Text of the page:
SOUTHAMPTON, England (Reuters) - Everton’s 4-1 defeat at Southampton on Sunday may have destroyed once and for all David Unsworth’s chances of landing the permanent manager’s job at the ailing Merseyside club.
If Everton fans felt things could not get any worse after the 5-1 midweek capitulation at Goodison Park to mid-table Italian side Atalanta in the Europa League, the calamity at St Mary’s dashed even those faint hopes.
With their chance of progression to the knockout stages in Europe already over, Unsworth fielded a second-string team on Thursday. Yet at Southampton, there could be no excuses with Everton at full strength.
Having fallen behind to Dusan Tadic’s goal, Gylfi Sigurdsson’s stunning strike levelled matters on the stroke of halftime, giving Everton the chance to ride the momentum after the break.
Instead, before the hour mark, the game was beyond Everton with Charlie Austin netting a pair of headers to put Southampton in command and Steven Davis capping a fine Saints’ performance with a fourth late on.
It spelt more misery for Everton against a Southampton side who had scored just nine goals this season before Sunday’s encounter amid their worst start to a Premier League campaign since 2012-13.
“There is a good spirit in training,” Unsworth told reporters after the match. “But when we come to a game situation, it changes. We had a great training session yesterday, and everything we were looking for, we got.”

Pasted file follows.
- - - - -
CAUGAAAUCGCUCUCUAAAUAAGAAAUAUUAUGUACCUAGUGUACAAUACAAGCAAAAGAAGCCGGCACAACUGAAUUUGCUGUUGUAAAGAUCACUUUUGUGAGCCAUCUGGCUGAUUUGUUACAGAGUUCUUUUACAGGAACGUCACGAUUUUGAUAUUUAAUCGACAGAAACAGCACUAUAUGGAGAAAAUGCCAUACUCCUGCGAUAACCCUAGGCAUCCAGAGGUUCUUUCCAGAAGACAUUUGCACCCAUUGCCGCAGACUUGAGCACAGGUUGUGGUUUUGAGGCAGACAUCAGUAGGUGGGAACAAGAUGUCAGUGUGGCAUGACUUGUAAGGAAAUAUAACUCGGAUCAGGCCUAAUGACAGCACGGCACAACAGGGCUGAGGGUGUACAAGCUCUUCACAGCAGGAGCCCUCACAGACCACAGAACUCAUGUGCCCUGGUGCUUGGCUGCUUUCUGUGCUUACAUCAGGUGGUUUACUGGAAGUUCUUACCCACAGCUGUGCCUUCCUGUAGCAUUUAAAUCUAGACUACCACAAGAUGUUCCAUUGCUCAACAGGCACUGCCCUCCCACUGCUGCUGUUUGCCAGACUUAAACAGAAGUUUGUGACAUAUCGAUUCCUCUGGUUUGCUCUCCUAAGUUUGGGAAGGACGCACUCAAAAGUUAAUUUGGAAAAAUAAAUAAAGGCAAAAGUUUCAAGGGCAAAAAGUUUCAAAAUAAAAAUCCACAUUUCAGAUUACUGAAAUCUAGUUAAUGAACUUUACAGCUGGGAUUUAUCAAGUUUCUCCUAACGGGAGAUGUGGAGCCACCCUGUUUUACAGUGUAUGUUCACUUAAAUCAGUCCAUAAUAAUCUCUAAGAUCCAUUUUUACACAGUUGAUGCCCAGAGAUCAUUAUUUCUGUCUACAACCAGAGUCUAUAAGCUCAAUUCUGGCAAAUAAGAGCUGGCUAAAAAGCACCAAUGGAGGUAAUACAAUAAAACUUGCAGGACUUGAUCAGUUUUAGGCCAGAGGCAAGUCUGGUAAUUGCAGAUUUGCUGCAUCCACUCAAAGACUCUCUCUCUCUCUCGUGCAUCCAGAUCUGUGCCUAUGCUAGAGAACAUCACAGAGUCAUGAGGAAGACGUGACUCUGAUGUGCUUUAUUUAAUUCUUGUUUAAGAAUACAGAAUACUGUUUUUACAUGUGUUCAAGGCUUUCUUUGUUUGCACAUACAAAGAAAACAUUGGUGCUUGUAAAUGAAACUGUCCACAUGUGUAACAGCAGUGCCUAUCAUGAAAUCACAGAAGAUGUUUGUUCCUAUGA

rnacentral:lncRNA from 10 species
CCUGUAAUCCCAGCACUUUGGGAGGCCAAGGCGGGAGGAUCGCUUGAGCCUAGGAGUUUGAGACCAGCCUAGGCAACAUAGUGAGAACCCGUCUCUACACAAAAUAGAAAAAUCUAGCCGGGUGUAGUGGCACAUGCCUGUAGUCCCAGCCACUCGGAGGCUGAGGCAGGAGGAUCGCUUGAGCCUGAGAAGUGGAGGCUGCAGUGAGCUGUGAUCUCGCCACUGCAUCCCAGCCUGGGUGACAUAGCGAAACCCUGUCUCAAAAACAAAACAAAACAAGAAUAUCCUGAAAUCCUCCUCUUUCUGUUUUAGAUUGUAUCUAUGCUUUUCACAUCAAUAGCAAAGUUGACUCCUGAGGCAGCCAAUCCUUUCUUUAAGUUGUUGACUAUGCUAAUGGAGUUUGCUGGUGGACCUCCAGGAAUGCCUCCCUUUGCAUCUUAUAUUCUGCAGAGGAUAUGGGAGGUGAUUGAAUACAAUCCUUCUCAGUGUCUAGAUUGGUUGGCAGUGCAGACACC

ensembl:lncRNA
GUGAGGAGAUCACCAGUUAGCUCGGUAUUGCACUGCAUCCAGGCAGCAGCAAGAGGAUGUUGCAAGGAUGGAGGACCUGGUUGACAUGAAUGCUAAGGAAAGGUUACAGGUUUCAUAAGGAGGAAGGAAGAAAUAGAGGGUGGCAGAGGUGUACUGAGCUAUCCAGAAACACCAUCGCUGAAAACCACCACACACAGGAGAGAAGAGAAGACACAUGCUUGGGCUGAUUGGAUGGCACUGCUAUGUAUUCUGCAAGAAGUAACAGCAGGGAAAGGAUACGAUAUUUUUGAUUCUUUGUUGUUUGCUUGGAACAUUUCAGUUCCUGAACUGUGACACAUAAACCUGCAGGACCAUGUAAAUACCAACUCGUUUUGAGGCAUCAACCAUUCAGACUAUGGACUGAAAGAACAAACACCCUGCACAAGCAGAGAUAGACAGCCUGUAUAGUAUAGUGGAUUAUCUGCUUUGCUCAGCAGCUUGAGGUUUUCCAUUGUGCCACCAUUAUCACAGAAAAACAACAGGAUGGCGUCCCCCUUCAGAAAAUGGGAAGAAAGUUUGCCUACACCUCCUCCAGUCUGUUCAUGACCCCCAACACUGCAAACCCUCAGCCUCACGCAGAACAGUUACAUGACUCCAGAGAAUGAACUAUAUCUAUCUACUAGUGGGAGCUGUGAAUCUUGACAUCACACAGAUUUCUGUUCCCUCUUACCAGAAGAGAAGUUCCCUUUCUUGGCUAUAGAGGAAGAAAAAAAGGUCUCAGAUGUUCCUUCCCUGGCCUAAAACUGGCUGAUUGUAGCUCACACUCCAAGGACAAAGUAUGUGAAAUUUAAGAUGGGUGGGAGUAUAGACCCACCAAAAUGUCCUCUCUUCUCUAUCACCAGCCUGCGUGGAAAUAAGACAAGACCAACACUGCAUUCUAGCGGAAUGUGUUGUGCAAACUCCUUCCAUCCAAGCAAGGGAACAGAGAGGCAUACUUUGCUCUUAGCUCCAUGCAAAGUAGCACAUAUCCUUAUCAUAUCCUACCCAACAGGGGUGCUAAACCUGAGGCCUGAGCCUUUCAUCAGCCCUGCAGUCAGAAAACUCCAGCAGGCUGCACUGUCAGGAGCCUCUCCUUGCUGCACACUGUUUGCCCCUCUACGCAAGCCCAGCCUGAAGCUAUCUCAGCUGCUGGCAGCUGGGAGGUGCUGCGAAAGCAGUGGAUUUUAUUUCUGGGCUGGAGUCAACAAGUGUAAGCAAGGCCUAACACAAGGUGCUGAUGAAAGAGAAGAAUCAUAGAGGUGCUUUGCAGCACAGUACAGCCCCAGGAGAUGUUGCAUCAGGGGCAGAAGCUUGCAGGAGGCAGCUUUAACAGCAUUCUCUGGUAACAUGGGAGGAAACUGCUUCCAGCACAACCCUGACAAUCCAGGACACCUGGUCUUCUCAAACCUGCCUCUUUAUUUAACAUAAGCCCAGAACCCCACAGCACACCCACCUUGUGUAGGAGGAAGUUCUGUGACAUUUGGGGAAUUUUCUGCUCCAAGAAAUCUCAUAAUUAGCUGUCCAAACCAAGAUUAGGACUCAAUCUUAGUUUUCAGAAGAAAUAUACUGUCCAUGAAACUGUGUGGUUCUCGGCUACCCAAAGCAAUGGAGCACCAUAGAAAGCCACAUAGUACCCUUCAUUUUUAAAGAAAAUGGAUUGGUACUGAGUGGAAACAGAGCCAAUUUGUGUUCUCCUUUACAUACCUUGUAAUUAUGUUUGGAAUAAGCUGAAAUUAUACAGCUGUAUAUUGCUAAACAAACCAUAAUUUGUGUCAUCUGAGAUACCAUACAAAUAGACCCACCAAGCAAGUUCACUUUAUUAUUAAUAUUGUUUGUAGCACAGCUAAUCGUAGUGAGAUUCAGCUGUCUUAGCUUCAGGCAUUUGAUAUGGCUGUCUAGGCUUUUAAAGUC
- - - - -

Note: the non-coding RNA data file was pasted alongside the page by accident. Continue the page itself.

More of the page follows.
Everton’s ineptitude told a very different tale, though, and their lack of effort seemed to be epitomised, ironically, by the performance of a former Southampton stalwart Morgan Schneiderlin.
Already having had a seemingly fractious relationship with Unsworth after being dropped for walking out of a training session earlier this month, Schneiderlin made just 16 touches in the first half.
Though he improved marginally after the interval, he still only competed for five duels all match. His direct opponent, Pierre-Emile Hojbjerg, went in for almost double.
Everton have now shipped 28 goals already in the Premier League alone, the most any Toffees’ side have conceded after 13 games since 1958-59. Since Unsworth took command, they have conceded 21 in seven games in all competitions.
Unsworth, a former Everton favourite as a player, is well liked by many media, and holds his club in high regard but Sunday’s defeat had fans and pundits all asking again how long this punishment could go on?
Majority shareholder Farhad Moshiri said on Friday he was “very close” to naming Ronald Koeman’s full-time successor. After such a torrid week, Unsworth cannot now be expecting a call.
Reporting by Peter Hall; Editing by Ian Chadband